Seychelles. Tourism is the main trade route in the Seychelles. The archipelago has many fine beaches and a tropical climate. Here from the island of La Dique.
Seychelles consists of two archipelagos. The northern central group is made up of granites and is characterized by narrow coastal stripes with bright, beautiful beaches that surround a more high inland. The highest point is 906 m ohh on Mahé. The second, more peripheral archipelago consists of 83 low coral islands. Many of these islands lack water.
The Seychelles have a tropical climate with small seasonal variations. During the period December-May the weather is mostly hot and humid, in June-November a little cooler due to the southeast passage. The annual rainfall varies somewhat between the islands, on the largest island of Mahé it is approx. 2300 mm. The average temperature is approx. 27 ° C. The islands lie outside the cyclone belt.
Plant and wildlife in the Seychelles
Plant life has most in common with Madagascars. Famous is the seycell palm, with its huge, characteristic fruits coco de mer. This species was in danger of extinction, so the island of Praslin was protected as early as 1890.
The fauna is associated with the Ethiopian region (Madagascar) and the Oriental, and has a high proportion of endemic (native) species. These include: 2 bat species, 12 bird species, 2 snake species, aldabrak giant turtle, 7 worm toad species, 4 frog species and many land snail and beetle species. Europeans exterminated the archipelago’s crocodiles and sea cows, and introduced pests such as rats and cats. Bats are the only native mammals. The reptile fauna includes giant turtles, some lizard species (including a chameleon) and two species of beasts. More than 200 bird species have been observed. The more than 50 species that breed on the islands include: the Seychelles Falcon, the Seychelles Parakeet and the Black Wasp Parrot chosen for the country’s national bird. Many seabirds, including tropical birds, soles, frigate birds, soot and rosettes, and nodules. There are more than 2500 coral species.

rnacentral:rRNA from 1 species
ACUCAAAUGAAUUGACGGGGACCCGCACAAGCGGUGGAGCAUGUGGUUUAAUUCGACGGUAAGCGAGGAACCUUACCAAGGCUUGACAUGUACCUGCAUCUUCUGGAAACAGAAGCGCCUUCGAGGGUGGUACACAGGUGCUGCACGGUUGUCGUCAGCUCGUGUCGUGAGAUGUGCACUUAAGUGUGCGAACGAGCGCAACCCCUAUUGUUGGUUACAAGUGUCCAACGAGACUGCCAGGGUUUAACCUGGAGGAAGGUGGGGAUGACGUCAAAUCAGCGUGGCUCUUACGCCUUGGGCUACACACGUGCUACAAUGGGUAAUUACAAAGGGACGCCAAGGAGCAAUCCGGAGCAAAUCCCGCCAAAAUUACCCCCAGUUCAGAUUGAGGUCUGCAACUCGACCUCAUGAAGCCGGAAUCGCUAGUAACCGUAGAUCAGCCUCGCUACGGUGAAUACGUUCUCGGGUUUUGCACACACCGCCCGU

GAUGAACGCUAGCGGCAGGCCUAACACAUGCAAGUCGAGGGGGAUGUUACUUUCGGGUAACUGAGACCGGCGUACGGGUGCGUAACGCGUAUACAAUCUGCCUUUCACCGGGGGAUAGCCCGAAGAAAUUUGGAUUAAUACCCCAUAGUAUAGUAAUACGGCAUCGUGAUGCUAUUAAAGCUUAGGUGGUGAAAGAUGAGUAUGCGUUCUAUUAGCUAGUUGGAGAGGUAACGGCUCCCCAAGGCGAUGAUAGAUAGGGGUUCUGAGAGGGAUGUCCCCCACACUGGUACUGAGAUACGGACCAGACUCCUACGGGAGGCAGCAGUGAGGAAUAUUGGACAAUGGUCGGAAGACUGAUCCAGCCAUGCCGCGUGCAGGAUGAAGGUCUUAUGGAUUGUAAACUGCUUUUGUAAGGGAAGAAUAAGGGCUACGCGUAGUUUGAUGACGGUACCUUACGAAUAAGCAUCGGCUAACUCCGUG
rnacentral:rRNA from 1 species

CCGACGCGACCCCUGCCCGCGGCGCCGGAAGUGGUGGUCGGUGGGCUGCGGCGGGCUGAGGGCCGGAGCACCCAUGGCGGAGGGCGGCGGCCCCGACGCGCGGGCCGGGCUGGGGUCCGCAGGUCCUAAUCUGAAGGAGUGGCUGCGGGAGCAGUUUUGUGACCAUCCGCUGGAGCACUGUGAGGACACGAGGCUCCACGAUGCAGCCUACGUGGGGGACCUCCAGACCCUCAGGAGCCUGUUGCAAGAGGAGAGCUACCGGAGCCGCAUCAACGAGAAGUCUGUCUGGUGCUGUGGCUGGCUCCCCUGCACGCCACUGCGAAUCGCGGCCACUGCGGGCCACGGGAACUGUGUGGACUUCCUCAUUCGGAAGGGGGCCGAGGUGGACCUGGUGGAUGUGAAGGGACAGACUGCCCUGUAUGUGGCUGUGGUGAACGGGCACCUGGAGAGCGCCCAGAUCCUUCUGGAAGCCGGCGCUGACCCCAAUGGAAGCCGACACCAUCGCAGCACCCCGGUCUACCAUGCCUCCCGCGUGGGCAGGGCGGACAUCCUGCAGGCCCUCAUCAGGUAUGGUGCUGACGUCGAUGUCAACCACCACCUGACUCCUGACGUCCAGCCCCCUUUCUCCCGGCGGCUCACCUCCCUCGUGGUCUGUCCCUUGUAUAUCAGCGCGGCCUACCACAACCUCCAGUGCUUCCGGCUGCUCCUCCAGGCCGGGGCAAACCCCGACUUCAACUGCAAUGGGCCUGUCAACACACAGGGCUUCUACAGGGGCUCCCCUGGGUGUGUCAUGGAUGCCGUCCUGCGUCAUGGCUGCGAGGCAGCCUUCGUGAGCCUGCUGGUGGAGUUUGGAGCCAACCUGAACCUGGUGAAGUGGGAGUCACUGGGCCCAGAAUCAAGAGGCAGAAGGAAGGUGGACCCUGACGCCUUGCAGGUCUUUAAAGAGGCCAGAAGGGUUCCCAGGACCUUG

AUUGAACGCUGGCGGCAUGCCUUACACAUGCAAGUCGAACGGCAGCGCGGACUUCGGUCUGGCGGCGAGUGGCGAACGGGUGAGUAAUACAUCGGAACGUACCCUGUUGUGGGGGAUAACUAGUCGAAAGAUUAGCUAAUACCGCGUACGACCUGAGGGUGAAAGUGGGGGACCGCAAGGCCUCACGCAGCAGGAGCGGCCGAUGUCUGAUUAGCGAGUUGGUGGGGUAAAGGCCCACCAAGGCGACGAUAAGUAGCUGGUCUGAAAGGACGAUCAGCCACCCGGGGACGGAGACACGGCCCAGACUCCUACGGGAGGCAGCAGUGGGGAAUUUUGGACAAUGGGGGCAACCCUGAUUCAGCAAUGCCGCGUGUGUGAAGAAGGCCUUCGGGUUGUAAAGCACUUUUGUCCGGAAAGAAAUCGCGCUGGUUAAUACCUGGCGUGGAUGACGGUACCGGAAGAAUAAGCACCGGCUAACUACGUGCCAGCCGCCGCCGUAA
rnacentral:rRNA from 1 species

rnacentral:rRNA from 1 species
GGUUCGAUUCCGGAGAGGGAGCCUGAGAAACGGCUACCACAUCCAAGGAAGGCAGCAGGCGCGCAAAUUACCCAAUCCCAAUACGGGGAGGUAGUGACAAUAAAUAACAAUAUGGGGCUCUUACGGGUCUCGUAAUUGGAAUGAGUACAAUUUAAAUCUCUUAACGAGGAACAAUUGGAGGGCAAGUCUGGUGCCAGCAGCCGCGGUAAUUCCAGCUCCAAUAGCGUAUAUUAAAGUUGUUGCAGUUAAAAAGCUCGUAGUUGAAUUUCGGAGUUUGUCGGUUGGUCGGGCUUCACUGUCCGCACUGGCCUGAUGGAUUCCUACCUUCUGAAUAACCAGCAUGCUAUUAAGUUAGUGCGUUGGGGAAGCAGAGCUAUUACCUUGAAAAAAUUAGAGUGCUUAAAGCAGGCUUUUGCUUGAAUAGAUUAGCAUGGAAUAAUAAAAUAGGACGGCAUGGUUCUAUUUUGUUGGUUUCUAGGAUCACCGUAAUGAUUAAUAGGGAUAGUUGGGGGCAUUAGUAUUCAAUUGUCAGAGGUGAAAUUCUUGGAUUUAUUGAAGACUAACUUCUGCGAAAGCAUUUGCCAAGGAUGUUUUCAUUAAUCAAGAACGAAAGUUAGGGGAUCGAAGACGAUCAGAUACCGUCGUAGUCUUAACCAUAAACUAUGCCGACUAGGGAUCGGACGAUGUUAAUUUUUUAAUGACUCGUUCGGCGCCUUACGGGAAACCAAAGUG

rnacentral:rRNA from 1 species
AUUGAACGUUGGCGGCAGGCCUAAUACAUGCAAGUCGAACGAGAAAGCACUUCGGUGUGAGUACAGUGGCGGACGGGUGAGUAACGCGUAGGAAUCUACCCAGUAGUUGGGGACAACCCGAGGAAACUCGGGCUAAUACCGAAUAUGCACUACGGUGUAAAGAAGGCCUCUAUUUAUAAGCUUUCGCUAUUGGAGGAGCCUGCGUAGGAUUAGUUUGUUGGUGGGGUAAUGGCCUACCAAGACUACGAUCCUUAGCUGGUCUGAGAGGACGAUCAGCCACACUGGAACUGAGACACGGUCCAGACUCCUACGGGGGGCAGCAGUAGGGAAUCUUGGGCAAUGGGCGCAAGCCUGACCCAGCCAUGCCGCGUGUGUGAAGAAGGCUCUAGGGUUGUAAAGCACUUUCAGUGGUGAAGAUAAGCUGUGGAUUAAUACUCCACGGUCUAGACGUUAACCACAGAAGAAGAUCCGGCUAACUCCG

Geography and environment
The northern and central 45 islands consist of granite with a high inland bordered by the sea of low and bright beaches. The highest point is Morne Seychellois, 906 meters above sea level at Mahé. The other 109 islands are low coral islands with more peripheral location; many of these lack water and are without permanent residence.
The climate is tropical and humid with little variations throughout the year. In Mahé, the temperature varies from 24 o C to 30 o C and the rainfall varies from 2900 to 3600 millimeters per year. The rainfall is greatest from November to March. The other islands have somewhat less rainfall.
In the Seychelles there are several special palm species, including the Seychelles palm tree with nuts of a striking shape; these (coco-de-mer) are the world’s largest seeds and have been nicknamed ‘love nuts’. There are 75 endemic (native) plant species.
The Seychelles are known for a large number of endemic animal species. Bats are the only living native mammals. Europeans introduced cats and rats that exterminated several species, and even exterminated the crocodiles and cows.
More than 200 species of birds have been recorded, including Seychelles Parakeets, Vasap Parrot (National Bird), Paradise Flybirds and Seychelles Falcon. Seychelles has some of the largest seabird colonies, including boobies, noddy, frigate birds and tropikfugler.
Giant tortoises are found in large quantities on Aldabra and other islands. There is one chameleon species and three snake species. There are seven species of worm toads, six of which are endemic. Five out of six frog species are also endemic.
In the waters around the islands there are more than 1000 species of fish and many coral species.